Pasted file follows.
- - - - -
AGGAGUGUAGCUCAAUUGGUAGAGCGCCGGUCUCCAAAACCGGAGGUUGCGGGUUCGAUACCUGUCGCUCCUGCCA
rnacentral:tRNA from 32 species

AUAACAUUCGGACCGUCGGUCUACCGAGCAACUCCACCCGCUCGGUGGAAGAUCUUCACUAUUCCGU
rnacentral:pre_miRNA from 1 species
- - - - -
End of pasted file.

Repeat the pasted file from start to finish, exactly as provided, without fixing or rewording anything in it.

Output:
AGGAGUGUAGCUCAAUUGGUAGAGCGCCGGUCUCCAAAACCGGAGGUUGCGGGUUCGAUACCUGUCGCUCCUGCCA
rnacentral:tRNA from 32 species

AUAACAUUCGGACCGUCGGUCUACCGAGCAACUCCACCCGCUCGGUGGAAGAUCUUCACUAUUCCGU
rnacentral:pre_miRNA from 1 species